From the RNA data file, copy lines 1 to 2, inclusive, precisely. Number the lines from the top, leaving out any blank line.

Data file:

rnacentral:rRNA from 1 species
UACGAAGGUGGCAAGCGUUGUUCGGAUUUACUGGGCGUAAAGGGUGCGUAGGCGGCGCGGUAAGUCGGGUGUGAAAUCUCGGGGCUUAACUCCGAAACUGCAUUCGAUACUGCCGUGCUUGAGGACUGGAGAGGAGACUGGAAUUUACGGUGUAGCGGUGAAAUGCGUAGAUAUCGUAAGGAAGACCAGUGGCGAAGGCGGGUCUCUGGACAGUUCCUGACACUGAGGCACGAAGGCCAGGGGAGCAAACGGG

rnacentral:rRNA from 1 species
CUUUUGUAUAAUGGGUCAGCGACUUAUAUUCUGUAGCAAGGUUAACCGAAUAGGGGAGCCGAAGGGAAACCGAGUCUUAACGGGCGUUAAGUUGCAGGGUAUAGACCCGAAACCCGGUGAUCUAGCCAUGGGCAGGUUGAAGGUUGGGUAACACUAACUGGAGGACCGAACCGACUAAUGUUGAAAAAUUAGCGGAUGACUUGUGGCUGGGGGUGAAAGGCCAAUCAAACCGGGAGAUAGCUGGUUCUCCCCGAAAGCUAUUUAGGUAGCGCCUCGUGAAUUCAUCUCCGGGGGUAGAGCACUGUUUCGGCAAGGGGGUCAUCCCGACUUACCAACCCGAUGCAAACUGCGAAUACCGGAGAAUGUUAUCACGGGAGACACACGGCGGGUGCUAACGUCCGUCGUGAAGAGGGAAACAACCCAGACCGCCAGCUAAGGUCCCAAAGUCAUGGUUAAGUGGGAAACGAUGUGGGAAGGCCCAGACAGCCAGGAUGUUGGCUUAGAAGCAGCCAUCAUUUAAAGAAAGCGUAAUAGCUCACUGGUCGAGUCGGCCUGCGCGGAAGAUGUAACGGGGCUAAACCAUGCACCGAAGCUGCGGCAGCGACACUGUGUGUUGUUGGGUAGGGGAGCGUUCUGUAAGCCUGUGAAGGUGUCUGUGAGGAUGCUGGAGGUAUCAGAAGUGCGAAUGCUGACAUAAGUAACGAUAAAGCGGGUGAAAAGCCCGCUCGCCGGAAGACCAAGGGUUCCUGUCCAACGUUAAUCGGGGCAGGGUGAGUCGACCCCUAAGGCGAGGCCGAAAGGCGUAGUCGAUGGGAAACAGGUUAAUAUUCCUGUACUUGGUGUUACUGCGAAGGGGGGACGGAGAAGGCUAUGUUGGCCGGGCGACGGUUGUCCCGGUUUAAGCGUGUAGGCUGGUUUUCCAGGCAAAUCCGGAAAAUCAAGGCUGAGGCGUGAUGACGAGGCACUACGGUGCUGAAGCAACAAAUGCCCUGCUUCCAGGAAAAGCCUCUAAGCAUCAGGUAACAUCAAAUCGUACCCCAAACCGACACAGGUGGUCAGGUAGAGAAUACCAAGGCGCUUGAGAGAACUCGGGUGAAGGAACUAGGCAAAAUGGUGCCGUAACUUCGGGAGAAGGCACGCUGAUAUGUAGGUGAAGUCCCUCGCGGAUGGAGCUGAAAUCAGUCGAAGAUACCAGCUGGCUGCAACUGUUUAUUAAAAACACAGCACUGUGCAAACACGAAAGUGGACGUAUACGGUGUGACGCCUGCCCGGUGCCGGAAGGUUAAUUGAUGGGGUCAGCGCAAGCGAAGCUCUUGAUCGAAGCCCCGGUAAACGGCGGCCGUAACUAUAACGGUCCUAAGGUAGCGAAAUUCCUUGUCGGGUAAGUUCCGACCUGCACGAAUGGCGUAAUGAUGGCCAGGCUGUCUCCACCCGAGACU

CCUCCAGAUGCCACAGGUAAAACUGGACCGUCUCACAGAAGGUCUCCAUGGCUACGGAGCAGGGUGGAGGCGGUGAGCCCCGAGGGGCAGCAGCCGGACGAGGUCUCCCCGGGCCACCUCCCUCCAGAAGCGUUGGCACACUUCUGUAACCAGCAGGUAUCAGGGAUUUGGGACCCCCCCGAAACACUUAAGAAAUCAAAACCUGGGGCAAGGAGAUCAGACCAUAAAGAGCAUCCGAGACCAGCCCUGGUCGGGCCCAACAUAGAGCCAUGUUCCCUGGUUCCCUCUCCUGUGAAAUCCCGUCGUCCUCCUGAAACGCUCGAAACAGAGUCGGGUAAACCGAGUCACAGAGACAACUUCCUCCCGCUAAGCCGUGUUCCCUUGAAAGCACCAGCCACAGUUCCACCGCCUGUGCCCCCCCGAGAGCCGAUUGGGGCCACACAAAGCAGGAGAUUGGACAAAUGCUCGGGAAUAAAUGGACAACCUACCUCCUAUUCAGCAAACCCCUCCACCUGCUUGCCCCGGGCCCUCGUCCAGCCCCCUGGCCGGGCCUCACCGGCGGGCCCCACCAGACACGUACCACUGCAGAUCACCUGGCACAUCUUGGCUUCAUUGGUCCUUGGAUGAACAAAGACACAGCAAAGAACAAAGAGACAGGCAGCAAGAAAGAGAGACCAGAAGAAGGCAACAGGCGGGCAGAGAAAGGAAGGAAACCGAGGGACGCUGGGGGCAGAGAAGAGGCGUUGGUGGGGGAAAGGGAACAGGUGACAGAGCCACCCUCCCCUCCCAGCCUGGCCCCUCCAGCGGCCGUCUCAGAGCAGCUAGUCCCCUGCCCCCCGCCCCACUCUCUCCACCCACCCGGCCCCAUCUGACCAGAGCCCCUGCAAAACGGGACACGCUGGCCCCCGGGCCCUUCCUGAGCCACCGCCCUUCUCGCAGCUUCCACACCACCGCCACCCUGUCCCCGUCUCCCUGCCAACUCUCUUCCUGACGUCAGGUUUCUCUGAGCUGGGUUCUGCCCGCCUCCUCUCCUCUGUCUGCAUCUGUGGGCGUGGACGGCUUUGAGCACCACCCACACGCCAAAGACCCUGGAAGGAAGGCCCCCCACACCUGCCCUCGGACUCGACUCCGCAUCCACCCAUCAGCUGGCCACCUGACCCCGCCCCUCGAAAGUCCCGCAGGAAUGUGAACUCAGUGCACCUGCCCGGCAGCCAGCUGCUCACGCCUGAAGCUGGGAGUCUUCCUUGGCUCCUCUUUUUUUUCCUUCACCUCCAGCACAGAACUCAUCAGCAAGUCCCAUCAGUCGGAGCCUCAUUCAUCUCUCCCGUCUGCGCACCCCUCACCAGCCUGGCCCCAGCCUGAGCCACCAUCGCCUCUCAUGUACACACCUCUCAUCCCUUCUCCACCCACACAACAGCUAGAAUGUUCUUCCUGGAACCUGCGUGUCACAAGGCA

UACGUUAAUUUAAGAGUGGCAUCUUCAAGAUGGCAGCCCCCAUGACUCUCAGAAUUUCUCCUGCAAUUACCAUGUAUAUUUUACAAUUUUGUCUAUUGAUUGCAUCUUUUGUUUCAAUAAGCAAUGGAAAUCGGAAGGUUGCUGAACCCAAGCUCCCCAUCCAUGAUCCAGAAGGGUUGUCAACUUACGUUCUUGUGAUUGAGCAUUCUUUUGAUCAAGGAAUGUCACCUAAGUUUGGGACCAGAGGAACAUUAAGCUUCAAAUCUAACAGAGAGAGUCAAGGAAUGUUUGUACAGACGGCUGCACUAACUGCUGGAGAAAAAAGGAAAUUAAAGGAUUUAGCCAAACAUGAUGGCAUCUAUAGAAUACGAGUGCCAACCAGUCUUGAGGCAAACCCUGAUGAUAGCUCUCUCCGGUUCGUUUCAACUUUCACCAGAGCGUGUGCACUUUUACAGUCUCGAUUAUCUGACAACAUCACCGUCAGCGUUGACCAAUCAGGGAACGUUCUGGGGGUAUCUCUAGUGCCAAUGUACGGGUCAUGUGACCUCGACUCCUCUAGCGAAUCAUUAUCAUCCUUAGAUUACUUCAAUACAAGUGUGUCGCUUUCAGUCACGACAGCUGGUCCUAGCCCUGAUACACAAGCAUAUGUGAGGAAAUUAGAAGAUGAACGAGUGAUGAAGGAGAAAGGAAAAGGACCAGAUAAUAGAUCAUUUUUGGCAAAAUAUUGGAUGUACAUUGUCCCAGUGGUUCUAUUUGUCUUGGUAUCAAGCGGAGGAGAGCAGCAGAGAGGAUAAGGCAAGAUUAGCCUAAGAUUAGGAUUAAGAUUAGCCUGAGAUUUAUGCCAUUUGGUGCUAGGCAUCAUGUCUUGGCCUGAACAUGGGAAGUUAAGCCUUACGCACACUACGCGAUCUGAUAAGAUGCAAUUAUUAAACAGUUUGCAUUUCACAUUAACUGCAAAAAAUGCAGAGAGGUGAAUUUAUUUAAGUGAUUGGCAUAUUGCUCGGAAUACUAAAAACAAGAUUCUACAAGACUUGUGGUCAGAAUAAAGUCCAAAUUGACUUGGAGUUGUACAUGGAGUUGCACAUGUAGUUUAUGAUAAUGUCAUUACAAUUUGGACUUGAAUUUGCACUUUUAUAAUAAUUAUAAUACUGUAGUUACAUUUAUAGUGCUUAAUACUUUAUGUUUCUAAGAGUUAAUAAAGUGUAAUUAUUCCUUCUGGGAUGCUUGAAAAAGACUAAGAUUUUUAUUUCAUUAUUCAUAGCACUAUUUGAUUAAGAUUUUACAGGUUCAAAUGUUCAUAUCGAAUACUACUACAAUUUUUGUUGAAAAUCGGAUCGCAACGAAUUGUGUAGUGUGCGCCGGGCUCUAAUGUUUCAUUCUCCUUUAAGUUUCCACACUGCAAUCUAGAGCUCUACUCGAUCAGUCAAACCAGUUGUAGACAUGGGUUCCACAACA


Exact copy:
rnacentral:rRNA from 1 species
UACGAAGGUGGCAAGCGUUGUUCGGAUUUACUGGGCGUAAAGGGUGCGUAGGCGGCGCGGUAAGUCGGGUGUGAAAUCUCGGGGCUUAACUCCGAAACUGCAUUCGAUACUGCCGUGCUUGAGGACUGGAGAGGAGACUGGAAUUUACGGUGUAGCGGUGAAAUGCGUAGAUAUCGUAAGGAAGACCAGUGGCGAAGGCGGGUCUCUGGACAGUUCCUGACACUGAGGCACGAAGGCCAGGGGAGCAAACGGG